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Jul
22
answered How does paper make sound when it is torn?
Jul
7
awarded  Commentator
Jul
7
comment How does paper make sound when it is torn?
If the paper is wet, it makes less noise when teared. So according to your explanation the bonds must get loosen, but I don't think there is any chemical reaction occurred when the paper gets wet. Because if we dry the paper again, it will be back as nothing happened before. How do you explain this?
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revised How does paper make sound when it is torn?
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Jul
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asked How does paper make sound when it is torn?
Jul
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comment What really cause light/photons to appear slower in media?
@anna v I don't get it why did you give me the link about resonance. I think it is normal for the phase velocity to exceed c, feynman's derivation: physics-gallo.blogspot.com/2008/08/… I already watched the feynman's lecture that you gave, imo it doesn't really relevant with what we were talking about.
Jul
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comment What really cause light/photons to appear slower in media?
@anna v i think pcr means the rayleigh scattering part of the diagram
Jul
4
comment What really cause light/photons to appear slower in media?
@ anna v and pcr I am guessing about this, Is it true that stimulated absorption/emission is like a "quantum" explanation for the "classical" driven oscillation? Because I think that it will agree with my classical understanding. @ anna v "IMO it must be higher order QED diagrams playing ball with the electric field of the atoms." I don't understand what do you mean "do you have a link that a difference between phase velocity and group velocity has been measured" I don't think that we need one, we can get the group velocity simply by calculating dw/dk of the function in the link that I gave.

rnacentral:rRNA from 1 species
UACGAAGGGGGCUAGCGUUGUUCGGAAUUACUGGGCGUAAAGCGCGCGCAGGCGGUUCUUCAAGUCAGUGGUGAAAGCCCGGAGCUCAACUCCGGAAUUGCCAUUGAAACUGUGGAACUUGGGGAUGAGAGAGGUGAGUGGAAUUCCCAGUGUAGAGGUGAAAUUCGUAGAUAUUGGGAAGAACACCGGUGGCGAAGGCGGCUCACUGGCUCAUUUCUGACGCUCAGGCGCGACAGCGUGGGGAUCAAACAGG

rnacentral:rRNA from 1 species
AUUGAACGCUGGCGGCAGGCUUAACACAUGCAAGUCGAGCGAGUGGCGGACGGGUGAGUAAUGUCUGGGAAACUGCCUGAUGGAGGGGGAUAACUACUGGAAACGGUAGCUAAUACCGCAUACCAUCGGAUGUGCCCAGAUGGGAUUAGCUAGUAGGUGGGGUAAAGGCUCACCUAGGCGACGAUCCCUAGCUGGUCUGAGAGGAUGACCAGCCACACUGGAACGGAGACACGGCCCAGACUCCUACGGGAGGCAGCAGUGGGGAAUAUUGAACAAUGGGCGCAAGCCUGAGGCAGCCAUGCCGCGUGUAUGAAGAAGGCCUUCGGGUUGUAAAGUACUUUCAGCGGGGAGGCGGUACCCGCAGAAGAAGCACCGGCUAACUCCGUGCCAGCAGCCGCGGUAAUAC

Jul
4
comment What really cause light/photons to appear slower in media?
@ anna v I don't think it is necessary to be spontaneous emission, if it is spontaneous emission, then the emission will be directed in random direction right. If the emission is random, then the light would be heavily diffused, which is not what usually happen in daily life. In the real life case e.g light emitted by a lamp, the light's intensity can be considered as high. therefore it is still possible that the absorption emission process is primarily governed by stimulated absorption/emission. Is it true?
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comment What really cause light/photons to appear slower in media?
Actually I'm already using that point of view too, we can understand it more easily with phasor diagram. If the "new wave" is pi/2 degrees lag then if we add the old phasor with the new one, the result is like the old phasor gets rotated a little bit. So how do u explain for the case of negative index of refraction? Is it due to the same effect but the decrease in phase is larger than the phase that the light gains by travelling between atoms?
Jul
3
comment What really cause light/photons to appear slower in media?
I am actually interested in every wavelength, what you are saying is for long light's wavelength or small atoms spacing. In that case, I know that the photons will be scattered by atoms as a group(phonons). But for small enough wavelength, the light will only collide with one atoms at a time. And yet in practice, we didn't see any quantized the efect. I would like to hear your explanation for the case of short wavelength, a quantum mechanics explanation.
Jul
3
comment What really cause light/photons to appear slower in media?
ok seems like I don't have any problem with the classical explanation, but I'm still pretty confused about the absorption process. Would u mind to elaborate? where does the phase shift comes from quantum mechanically? and how do u explain for the case of negative index of refraction? Is it due to the same effect but the decrease in phase is larger than the phase that the light gains phase by travelling between atoms.